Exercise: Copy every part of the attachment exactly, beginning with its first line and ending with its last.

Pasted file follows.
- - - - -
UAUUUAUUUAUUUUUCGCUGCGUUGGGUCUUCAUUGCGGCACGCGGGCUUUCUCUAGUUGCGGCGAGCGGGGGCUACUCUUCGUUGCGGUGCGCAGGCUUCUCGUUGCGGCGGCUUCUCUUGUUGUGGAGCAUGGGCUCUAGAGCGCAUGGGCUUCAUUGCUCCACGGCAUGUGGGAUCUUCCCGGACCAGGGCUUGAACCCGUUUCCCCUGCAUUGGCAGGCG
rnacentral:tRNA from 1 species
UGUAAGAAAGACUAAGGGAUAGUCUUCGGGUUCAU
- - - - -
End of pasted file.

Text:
UAUUUAUUUAUUUUUCGCUGCGUUGGGUCUUCAUUGCGGCACGCGGGCUUUCUCUAGUUGCGGCGAGCGGGGGCUACUCUUCGUUGCGGUGCGCAGGCUUCUCGUUGCGGCGGCUUCUCUUGUUGUGGAGCAUGGGCUCUAGAGCGCAUGGGCUUCAUUGCUCCACGGCAUGUGGGAUCUUCCCGGACCAGGGCUUGAACCCGUUUCCCCUGCAUUGGCAGGCG
rnacentral:tRNA from 1 species
UGUAAGAAAGACUAAGGGAUAGUCUUCGGGUUCAU